Posted by Patrick on February 14th, 2006
David Sifry from Technorati came out with his “State of the Blogosphere, February 2006 Part 2: Beyond Search” post yesterday and it was as informative as Part 1, which dealt with growth in the blogosphere. While the entire post was chock full of great information, I was really excited by his announcement that Technorati was beta testing its filter by authority feature. This is a huge step in the right direction for all types of searches.
Filter By Authority: Giving YOU the power to tune your searches
There’s one more big feature that I wanted to write about tonight, our new Filter By Authority feature. You can see this on all keyword search results pages, looking like this:
Clicking on the green slider allows you to easily refine your search results to show greater or fewer matching blog posts. For some searches, you might want to pick and choose only posts from blogs that have been around a while and are highly influential – so pick “a lot of authority” as shown above. I’ve found this great for searches on highly trafficked topics, like “George Bush” or Olympics, or on topics that are known to get a lot of spam, like mortgage or refinance. I find that it often helps me to also answer the question, “Who is the most influential blogger talking about XXX this week, and what did she say?”
Clicking lower on the slider gives you the ability to see how different levels of filtering affect your search results. For my ego feeds, I always want to see every single mention, so I turn off filtering for those feeds. I also love looking at the charts on the left-hand side of each search result to see what changes when I change the filter, too.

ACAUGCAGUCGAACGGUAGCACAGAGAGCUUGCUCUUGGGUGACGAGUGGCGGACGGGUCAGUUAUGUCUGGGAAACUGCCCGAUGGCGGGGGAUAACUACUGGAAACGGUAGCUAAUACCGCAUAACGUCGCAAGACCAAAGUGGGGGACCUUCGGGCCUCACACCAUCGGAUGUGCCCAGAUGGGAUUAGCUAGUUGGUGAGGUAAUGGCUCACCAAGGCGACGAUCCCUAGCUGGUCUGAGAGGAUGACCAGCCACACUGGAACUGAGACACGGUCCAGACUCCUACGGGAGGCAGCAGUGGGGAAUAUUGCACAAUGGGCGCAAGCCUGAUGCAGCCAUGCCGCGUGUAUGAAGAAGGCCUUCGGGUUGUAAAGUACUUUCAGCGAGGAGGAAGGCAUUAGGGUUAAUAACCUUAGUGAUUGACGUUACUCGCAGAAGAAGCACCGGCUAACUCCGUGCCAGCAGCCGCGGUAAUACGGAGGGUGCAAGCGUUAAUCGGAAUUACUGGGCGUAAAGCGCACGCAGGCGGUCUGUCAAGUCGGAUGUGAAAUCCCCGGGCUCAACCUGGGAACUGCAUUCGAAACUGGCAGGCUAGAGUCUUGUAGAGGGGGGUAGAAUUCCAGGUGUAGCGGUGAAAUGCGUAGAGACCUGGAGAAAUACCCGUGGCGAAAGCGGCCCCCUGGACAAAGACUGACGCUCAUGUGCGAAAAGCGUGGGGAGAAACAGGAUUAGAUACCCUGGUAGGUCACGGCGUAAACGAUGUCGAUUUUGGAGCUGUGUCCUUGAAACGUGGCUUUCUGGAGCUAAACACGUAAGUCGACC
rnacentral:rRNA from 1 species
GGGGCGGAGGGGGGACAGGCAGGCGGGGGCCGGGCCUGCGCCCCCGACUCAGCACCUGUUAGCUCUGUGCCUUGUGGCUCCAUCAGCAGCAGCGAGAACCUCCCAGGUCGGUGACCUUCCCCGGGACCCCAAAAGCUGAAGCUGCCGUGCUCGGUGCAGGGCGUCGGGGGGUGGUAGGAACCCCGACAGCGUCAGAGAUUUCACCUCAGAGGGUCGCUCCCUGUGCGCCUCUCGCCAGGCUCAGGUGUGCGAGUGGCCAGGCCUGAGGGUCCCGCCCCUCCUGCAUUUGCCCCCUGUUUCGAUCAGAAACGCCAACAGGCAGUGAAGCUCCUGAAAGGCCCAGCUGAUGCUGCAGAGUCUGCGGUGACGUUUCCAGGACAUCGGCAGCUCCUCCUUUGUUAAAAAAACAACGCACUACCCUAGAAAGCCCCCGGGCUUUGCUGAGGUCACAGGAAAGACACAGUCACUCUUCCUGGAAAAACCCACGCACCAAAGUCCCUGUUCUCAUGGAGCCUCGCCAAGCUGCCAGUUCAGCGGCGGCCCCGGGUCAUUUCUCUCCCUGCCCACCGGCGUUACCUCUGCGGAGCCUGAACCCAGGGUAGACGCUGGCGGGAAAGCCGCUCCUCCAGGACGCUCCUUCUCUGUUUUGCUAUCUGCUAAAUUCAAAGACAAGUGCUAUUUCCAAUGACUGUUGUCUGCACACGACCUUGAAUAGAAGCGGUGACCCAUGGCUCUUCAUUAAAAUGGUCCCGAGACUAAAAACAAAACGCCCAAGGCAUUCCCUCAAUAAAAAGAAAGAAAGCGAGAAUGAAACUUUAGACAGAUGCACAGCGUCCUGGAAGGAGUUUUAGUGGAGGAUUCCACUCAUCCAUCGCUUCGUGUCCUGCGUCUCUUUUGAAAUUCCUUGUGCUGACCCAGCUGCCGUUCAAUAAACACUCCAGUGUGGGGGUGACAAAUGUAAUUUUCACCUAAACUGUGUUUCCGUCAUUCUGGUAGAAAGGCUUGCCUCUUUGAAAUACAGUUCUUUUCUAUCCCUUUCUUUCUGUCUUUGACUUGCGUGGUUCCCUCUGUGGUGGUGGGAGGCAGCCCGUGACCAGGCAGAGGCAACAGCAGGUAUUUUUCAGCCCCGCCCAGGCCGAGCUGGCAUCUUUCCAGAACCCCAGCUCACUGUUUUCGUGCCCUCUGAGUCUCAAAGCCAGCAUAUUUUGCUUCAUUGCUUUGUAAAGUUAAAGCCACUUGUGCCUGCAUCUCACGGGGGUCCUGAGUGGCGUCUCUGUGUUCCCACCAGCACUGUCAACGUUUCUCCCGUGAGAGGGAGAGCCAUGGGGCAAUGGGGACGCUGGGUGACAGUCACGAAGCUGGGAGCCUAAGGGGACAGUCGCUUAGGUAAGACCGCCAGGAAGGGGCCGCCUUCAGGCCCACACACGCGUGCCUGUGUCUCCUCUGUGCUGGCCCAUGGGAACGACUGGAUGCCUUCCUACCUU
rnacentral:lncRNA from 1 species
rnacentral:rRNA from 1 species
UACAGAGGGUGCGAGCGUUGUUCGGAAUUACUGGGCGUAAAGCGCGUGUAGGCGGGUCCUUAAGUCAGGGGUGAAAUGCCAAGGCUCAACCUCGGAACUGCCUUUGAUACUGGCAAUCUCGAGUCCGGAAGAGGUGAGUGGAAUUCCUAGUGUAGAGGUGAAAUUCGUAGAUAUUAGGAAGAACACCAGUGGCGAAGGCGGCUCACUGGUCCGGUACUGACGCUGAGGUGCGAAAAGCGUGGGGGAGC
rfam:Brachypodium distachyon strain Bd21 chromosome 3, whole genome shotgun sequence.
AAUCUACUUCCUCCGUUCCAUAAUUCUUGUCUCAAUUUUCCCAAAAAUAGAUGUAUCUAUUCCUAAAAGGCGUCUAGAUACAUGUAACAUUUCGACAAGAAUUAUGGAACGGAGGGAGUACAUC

As we implemented this feature, we spent a lot of time thinking about how to name it. We frequently use the term authority on our site when we talk about inbound links, as in “a link is a vote of authority.” So to maintain consistency we called this new feature, ” sort by authority.” But in no way should this imply a value judgment. More authority doesn’t necessarily mean more good or more interesting. In many instances, less authority yields more interesting results: a greater diversity of opinion, less mainstream thinking, more individual voices. The authority filter is a tool to fine tune results, and its a great way to zoom in on the voices that are commanding the most attention, and then zoom back out and listen to the whole diverse medium that is the blogosphere. With so many voices we’re happy to add a new tuning control!
The first thing that came to mind after reading his post was a vision of Scoble shouting, “You will respect my authority!”
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